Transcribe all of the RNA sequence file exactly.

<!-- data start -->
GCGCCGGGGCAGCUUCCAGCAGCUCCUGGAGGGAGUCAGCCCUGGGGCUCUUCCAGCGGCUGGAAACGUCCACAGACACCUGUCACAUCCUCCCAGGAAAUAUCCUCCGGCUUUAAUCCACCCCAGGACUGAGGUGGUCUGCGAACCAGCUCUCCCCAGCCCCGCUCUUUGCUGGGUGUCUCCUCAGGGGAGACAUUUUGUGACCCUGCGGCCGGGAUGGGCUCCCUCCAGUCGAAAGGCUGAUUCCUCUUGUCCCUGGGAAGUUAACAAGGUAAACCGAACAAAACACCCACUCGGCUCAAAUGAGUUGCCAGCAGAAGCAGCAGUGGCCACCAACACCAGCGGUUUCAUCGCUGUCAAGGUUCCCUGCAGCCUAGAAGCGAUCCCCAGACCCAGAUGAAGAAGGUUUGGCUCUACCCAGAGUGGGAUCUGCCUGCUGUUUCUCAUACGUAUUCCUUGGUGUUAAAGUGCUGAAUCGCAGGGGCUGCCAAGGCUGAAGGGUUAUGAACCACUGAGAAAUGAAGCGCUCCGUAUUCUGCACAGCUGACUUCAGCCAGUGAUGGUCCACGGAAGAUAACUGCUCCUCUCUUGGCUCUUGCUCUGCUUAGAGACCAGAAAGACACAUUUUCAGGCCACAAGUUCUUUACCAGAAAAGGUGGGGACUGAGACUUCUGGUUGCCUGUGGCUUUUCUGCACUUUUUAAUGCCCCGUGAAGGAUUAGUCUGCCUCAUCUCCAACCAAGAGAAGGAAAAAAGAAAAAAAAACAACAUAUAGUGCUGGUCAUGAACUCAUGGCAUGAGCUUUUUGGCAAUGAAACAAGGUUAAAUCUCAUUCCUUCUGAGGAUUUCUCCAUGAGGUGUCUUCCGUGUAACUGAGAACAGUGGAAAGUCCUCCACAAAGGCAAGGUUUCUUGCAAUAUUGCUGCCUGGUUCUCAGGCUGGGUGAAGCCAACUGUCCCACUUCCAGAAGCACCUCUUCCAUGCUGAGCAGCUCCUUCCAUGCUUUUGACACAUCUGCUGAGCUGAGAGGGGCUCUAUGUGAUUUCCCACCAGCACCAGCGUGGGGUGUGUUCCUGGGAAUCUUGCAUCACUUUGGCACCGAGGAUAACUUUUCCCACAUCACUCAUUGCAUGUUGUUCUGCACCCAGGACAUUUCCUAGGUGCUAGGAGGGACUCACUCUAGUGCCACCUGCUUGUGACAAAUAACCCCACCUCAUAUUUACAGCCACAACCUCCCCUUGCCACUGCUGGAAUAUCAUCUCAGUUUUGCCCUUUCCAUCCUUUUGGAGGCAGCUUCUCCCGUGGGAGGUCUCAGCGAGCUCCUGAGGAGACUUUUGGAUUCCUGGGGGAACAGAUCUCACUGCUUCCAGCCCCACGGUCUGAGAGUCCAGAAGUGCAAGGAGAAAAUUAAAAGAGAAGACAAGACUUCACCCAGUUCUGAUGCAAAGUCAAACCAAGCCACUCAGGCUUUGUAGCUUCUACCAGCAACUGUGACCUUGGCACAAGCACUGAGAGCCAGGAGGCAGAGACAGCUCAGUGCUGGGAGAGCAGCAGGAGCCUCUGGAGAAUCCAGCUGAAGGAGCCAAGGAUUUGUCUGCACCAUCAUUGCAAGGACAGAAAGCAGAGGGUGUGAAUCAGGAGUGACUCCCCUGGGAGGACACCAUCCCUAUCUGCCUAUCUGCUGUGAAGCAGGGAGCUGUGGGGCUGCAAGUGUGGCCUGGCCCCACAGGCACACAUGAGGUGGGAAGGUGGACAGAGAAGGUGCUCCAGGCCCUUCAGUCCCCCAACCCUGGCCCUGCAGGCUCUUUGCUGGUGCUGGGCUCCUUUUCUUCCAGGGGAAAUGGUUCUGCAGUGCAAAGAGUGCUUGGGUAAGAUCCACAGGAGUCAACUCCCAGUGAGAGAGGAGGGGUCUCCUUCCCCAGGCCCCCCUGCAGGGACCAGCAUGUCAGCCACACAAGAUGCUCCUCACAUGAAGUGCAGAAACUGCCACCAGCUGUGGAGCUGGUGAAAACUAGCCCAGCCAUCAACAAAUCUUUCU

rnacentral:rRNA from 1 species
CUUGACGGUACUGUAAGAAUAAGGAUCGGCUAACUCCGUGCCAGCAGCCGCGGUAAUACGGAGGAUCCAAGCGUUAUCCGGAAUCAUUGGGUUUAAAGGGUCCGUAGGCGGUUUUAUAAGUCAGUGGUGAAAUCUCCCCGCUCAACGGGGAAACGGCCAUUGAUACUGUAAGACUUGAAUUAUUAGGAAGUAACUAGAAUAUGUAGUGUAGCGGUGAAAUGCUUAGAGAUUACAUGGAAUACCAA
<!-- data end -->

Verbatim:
GCGCCGGGGCAGCUUCCAGCAGCUCCUGGAGGGAGUCAGCCCUGGGGCUCUUCCAGCGGCUGGAAACGUCCACAGACACCUGUCACAUCCUCCCAGGAAAUAUCCUCCGGCUUUAAUCCACCCCAGGACUGAGGUGGUCUGCGAACCAGCUCUCCCCAGCCCCGCUCUUUGCUGGGUGUCUCCUCAGGGGAGACAUUUUGUGACCCUGCGGCCGGGAUGGGCUCCCUCCAGUCGAAAGGCUGAUUCCUCUUGUCCCUGGGAAGUUAACAAGGUAAACCGAACAAAACACCCACUCGGCUCAAAUGAGUUGCCAGCAGAAGCAGCAGUGGCCACCAACACCAGCGGUUUCAUCGCUGUCAAGGUUCCCUGCAGCCUAGAAGCGAUCCCCAGACCCAGAUGAAGAAGGUUUGGCUCUACCCAGAGUGGGAUCUGCCUGCUGUUUCUCAUACGUAUUCCUUGGUGUUAAAGUGCUGAAUCGCAGGGGCUGCCAAGGCUGAAGGGUUAUGAACCACUGAGAAAUGAAGCGCUCCGUAUUCUGCACAGCUGACUUCAGCCAGUGAUGGUCCACGGAAGAUAACUGCUCCUCUCUUGGCUCUUGCUCUGCUUAGAGACCAGAAAGACACAUUUUCAGGCCACAAGUUCUUUACCAGAAAAGGUGGGGACUGAGACUUCUGGUUGCCUGUGGCUUUUCUGCACUUUUUAAUGCCCCGUGAAGGAUUAGUCUGCCUCAUCUCCAACCAAGAGAAGGAAAAAAGAAAAAAAAACAACAUAUAGUGCUGGUCAUGAACUCAUGGCAUGAGCUUUUUGGCAAUGAAACAAGGUUAAAUCUCAUUCCUUCUGAGGAUUUCUCCAUGAGGUGUCUUCCGUGUAACUGAGAACAGUGGAAAGUCCUCCACAAAGGCAAGGUUUCUUGCAAUAUUGCUGCCUGGUUCUCAGGCUGGGUGAAGCCAACUGUCCCACUUCCAGAAGCACCUCUUCCAUGCUGAGCAGCUCCUUCCAUGCUUUUGACACAUCUGCUGAGCUGAGAGGGGCUCUAUGUGAUUUCCCACCAGCACCAGCGUGGGGUGUGUUCCUGGGAAUCUUGCAUCACUUUGGCACCGAGGAUAACUUUUCCCACAUCACUCAUUGCAUGUUGUUCUGCACCCAGGACAUUUCCUAGGUGCUAGGAGGGACUCACUCUAGUGCCACCUGCUUGUGACAAAUAACCCCACCUCAUAUUUACAGCCACAACCUCCCCUUGCCACUGCUGGAAUAUCAUCUCAGUUUUGCCCUUUCCAUCCUUUUGGAGGCAGCUUCUCCCGUGGGAGGUCUCAGCGAGCUCCUGAGGAGACUUUUGGAUUCCUGGGGGAACAGAUCUCACUGCUUCCAGCCCCACGGUCUGAGAGUCCAGAAGUGCAAGGAGAAAAUUAAAAGAGAAGACAAGACUUCACCCAGUUCUGAUGCAAAGUCAAACCAAGCCACUCAGGCUUUGUAGCUUCUACCAGCAACUGUGACCUUGGCACAAGCACUGAGAGCCAGGAGGCAGAGACAGCUCAGUGCUGGGAGAGCAGCAGGAGCCUCUGGAGAAUCCAGCUGAAGGAGCCAAGGAUUUGUCUGCACCAUCAUUGCAAGGACAGAAAGCAGAGGGUGUGAAUCAGGAGUGACUCCCCUGGGAGGACACCAUCCCUAUCUGCCUAUCUGCUGUGAAGCAGGGAGCUGUGGGGCUGCAAGUGUGGCCUGGCCCCACAGGCACACAUGAGGUGGGAAGGUGGACAGAGAAGGUGCUCCAGGCCCUUCAGUCCCCCAACCCUGGCCCUGCAGGCUCUUUGCUGGUGCUGGGCUCCUUUUCUUCCAGGGGAAAUGGUUCUGCAGUGCAAAGAGUGCUUGGGUAAGAUCCACAGGAGUCAACUCCCAGUGAGAGAGGAGGGGUCUCCUUCCCCAGGCCCCCCUGCAGGGACCAGCAUGUCAGCCACACAAGAUGCUCCUCACAUGAAGUGCAGAAACUGCCACCAGCUGUGGAGCUGGUGAAAACUAGCCCAGCCAUCAACAAAUCUUUCU

rnacentral:rRNA from 1 species
CUUGACGGUACUGUAAGAAUAAGGAUCGGCUAACUCCGUGCCAGCAGCCGCGGUAAUACGGAGGAUCCAAGCGUUAUCCGGAAUCAUUGGGUUUAAAGGGUCCGUAGGCGGUUUUAUAAGUCAGUGGUGAAAUCUCCCCGCUCAACGGGGAAACGGCCAUUGAUACUGUAAGACUUGAAUUAUUAGGAAGUAACUAGAAUAUGUAGUGUAGCGGUGAAAUGCUUAGAGAUUACAUGGAAUACCAA